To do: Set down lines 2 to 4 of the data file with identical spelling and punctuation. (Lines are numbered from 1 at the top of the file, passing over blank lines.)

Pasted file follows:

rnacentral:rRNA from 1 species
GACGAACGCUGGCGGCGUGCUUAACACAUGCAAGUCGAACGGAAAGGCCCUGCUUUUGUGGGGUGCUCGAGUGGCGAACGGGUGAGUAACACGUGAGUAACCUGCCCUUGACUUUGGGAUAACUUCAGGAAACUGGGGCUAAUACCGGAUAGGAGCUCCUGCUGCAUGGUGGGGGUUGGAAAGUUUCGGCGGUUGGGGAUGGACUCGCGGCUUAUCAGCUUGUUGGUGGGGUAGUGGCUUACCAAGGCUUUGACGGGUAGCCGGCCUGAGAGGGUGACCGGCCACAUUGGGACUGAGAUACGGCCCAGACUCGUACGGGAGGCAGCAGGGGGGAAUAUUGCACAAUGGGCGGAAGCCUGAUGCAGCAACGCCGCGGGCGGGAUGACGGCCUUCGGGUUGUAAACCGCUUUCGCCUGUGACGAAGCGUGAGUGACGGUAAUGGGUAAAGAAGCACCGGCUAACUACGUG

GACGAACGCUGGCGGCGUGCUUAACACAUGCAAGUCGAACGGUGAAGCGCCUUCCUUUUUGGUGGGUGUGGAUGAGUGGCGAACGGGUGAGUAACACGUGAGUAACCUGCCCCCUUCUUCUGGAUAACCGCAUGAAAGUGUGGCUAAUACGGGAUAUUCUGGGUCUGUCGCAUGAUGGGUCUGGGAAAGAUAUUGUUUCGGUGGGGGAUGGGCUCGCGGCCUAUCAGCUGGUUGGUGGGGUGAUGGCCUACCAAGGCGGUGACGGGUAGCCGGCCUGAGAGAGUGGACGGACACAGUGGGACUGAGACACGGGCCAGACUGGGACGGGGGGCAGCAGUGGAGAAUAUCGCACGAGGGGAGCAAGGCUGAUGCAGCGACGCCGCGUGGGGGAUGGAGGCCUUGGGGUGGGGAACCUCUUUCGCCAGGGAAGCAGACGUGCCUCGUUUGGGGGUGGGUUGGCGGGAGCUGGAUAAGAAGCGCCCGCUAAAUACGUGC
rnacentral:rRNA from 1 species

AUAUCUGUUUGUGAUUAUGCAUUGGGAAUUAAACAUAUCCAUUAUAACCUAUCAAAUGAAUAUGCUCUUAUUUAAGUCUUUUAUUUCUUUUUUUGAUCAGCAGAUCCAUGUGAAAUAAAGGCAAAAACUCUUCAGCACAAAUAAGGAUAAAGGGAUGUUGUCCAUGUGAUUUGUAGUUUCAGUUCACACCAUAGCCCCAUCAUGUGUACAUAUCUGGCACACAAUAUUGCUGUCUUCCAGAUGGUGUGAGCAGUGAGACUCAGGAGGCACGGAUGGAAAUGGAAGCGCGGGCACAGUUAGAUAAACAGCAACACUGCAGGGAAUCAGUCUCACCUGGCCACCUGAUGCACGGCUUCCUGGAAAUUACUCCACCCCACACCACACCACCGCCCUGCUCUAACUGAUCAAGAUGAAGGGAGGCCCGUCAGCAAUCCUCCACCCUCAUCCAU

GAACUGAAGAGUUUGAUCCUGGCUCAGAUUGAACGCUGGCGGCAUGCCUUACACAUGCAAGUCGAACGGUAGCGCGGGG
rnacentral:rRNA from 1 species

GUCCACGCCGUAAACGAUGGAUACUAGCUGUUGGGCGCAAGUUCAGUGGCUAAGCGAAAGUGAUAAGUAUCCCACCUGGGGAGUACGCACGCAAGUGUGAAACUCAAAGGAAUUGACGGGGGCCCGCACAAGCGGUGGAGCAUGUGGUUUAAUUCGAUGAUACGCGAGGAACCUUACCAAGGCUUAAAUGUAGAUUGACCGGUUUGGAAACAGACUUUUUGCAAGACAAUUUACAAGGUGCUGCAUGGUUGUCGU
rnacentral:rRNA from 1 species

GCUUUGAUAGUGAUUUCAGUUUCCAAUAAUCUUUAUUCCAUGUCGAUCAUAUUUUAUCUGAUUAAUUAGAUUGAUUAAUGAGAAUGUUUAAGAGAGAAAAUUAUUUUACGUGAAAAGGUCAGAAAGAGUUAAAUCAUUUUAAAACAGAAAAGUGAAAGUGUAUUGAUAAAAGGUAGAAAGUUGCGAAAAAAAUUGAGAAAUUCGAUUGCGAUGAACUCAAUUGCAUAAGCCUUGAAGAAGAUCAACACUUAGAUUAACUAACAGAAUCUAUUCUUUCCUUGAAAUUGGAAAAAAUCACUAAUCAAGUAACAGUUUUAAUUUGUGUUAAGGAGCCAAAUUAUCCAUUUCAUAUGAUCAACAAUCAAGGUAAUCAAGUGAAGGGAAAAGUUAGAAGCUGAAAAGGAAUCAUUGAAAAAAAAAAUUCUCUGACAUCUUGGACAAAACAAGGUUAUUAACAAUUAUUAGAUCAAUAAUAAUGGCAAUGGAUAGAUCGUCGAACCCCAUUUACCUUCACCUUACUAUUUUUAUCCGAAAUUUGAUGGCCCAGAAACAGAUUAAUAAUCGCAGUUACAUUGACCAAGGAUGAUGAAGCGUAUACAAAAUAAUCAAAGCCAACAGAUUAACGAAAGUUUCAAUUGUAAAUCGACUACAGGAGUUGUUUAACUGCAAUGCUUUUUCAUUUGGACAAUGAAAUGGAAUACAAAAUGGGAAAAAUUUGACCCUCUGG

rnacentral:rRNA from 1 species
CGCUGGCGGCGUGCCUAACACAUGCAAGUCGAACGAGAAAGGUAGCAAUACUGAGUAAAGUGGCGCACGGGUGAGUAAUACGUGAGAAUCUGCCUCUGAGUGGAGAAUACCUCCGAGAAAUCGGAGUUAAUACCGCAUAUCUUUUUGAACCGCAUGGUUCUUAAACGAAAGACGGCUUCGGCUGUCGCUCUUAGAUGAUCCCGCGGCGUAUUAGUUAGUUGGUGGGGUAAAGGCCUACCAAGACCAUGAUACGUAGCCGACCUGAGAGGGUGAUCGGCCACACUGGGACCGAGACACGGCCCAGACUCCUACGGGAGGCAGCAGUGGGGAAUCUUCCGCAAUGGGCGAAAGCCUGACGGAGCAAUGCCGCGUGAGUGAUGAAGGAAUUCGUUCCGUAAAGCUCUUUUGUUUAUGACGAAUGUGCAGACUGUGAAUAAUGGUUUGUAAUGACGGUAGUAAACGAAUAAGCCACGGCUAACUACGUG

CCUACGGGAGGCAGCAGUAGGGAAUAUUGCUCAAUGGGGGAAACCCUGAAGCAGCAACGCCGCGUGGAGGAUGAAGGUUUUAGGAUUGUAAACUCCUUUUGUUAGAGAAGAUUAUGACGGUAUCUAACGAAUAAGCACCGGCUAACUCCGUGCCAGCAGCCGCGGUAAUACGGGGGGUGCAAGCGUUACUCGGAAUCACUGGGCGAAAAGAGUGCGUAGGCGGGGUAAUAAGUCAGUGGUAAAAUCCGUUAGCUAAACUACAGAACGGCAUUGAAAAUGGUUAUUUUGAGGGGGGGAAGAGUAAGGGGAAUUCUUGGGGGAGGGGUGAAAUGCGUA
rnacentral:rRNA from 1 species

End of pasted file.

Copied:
GACGAACGCUGGCGGCGUGCUUAACACAUGCAAGUCGAACGGAAAGGCCCUGCUUUUGUGGGGUGCUCGAGUGGCGAACGGGUGAGUAACACGUGAGUAACCUGCCCUUGACUUUGGGAUAACUUCAGGAAACUGGGGCUAAUACCGGAUAGGAGCUCCUGCUGCAUGGUGGGGGUUGGAAAGUUUCGGCGGUUGGGGAUGGACUCGCGGCUUAUCAGCUUGUUGGUGGGGUAGUGGCUUACCAAGGCUUUGACGGGUAGCCGGCCUGAGAGGGUGACCGGCCACAUUGGGACUGAGAUACGGCCCAGACUCGUACGGGAGGCAGCAGGGGGGAAUAUUGCACAAUGGGCGGAAGCCUGAUGCAGCAACGCCGCGGGCGGGAUGACGGCCUUCGGGUUGUAAACCGCUUUCGCCUGUGACGAAGCGUGAGUGACGGUAAUGGGUAAAGAAGCACCGGCUAACUACGUG

GACGAACGCUGGCGGCGUGCUUAACACAUGCAAGUCGAACGGUGAAGCGCCUUCCUUUUUGGUGGGUGUGGAUGAGUGGCGAACGGGUGAGUAACACGUGAGUAACCUGCCCCCUUCUUCUGGAUAACCGCAUGAAAGUGUGGCUAAUACGGGAUAUUCUGGGUCUGUCGCAUGAUGGGUCUGGGAAAGAUAUUGUUUCGGUGGGGGAUGGGCUCGCGGCCUAUCAGCUGGUUGGUGGGGUGAUGGCCUACCAAGGCGGUGACGGGUAGCCGGCCUGAGAGAGUGGACGGACACAGUGGGACUGAGACACGGGCCAGACUGGGACGGGGGGCAGCAGUGGAGAAUAUCGCACGAGGGGAGCAAGGCUGAUGCAGCGACGCCGCGUGGGGGAUGGAGGCCUUGGGGUGGGGAACCUCUUUCGCCAGGGAAGCAGACGUGCCUCGUUUGGGGGUGGGUUGGCGGGAGCUGGAUAAGAAGCGCCCGCUAAAUACGUGC
rnacentral:rRNA from 1 species